The round proceeded, in fact, we birdied our first hole hitting mid-irons into the green, Gerry and his partner made par. On to our 2nd hole we went, a tight par 4 into the wind – 410 yards. Ken and I hit down the right middle of the fairway, guess what Gerry did? Yes, snap hook – 50 yards left of the fairway. He was 30 yards ahead of us, but 50 yards left. Both teams ended up making par, needless to say, good thing Gerry had a partner.
I’m not going to go hole by hole with you, but during and after the round, I kept thinking to myself, “What a good lesson for all my students, I wish they could watch what I was watching.” Picture in your mind, Mr. “Long Drive” and his partner against two single axis “Moe” golfers. As I said to Ken, “The beast vs. the steady Eddies…”
For the next 9 holes, Gerry only hit one fairway, in fact, not only was he now hitting hooks, now he was starting to block cut his tee shots because he “was holding on for dear life”. In his mind, if he didn’t release the club, maybe he could keep it from going left….. so we watched snap hook, block, hook, block…
On our 13th hole, we approached the tee. Ken and I were 3 under, Gerry and his partner were 1 over par. The 13th was a 200 yard uphill par 3 into the wind. Gerry’s team had the honor’s as his partner had birdied the previous hole. Gerry pulled out a 3 iron. Now, I am sorry, but even Tiger on his best day would have had difficulty getting a 3 iron to the green (did I mention it was 45 degrees, now with a 20 mph north wind into our face). Gerry hit his shot – block – short of the greenside bunker. HIs partner did the same – block right.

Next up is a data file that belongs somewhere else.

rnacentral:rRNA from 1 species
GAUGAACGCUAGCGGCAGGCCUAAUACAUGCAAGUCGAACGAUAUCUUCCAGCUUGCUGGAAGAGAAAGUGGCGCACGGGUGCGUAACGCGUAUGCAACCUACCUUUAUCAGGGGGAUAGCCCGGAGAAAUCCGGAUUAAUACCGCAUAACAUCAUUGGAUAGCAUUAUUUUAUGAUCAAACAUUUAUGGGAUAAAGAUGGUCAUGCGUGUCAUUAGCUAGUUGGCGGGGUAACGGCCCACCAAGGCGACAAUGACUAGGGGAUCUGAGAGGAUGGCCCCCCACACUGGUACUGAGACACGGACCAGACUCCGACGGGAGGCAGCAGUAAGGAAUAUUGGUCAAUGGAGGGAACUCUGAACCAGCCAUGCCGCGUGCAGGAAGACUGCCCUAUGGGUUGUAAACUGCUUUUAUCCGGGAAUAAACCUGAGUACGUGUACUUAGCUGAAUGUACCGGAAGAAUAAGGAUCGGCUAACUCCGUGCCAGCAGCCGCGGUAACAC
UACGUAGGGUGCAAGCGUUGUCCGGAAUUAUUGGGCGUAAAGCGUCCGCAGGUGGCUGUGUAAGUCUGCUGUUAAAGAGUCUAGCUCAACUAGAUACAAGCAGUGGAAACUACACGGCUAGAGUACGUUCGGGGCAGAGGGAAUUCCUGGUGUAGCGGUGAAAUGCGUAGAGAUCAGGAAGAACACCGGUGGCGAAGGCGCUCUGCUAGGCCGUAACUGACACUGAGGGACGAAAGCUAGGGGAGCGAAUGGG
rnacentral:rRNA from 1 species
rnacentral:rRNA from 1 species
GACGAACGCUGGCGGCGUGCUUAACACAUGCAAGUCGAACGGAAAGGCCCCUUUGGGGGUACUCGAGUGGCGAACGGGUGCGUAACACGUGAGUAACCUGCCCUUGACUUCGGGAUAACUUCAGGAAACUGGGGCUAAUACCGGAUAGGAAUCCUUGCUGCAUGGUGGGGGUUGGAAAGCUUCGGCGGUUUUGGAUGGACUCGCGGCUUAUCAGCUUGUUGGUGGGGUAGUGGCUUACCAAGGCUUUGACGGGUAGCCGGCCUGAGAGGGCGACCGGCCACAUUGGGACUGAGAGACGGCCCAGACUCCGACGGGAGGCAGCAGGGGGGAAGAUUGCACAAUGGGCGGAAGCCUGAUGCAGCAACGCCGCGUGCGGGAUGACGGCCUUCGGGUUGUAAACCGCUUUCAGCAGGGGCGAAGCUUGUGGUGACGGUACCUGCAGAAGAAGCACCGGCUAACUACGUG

Ken and I stepped onto the tee. Ken pulled out a 2 hybrid, swung easy, (finesse type shot), no backspin… front edge of green. I hit the same shot, except mine ended up 5 feet short of the hole. We went on to make birdie.
Last story about the round, then I want to talk about a couple of lessons to be learned from my experience. When we stepped on the 14th tee, Gerry was pretty calm (he really is a very nice guy..). We had a wait as the group ahead of us was going for the par 5 in 2. Gerry knew, if he hit it hard, there was no question he’d make a birdie or an eagle. We were talking, Gerry was telling us a couple funny stories about the Big Break, then it was his time to hit. He wound up as much as he had all day, and snapped hooked it into the left lake on the hole. He then absolutely went CRAZY. Screaming, cussing, slamming his driver into the ground. I (and Ken) were pretty sure that was the first “road rage” we had ever witnessed in person…WOW!! Gerry proceeded to bogey the easy par 5.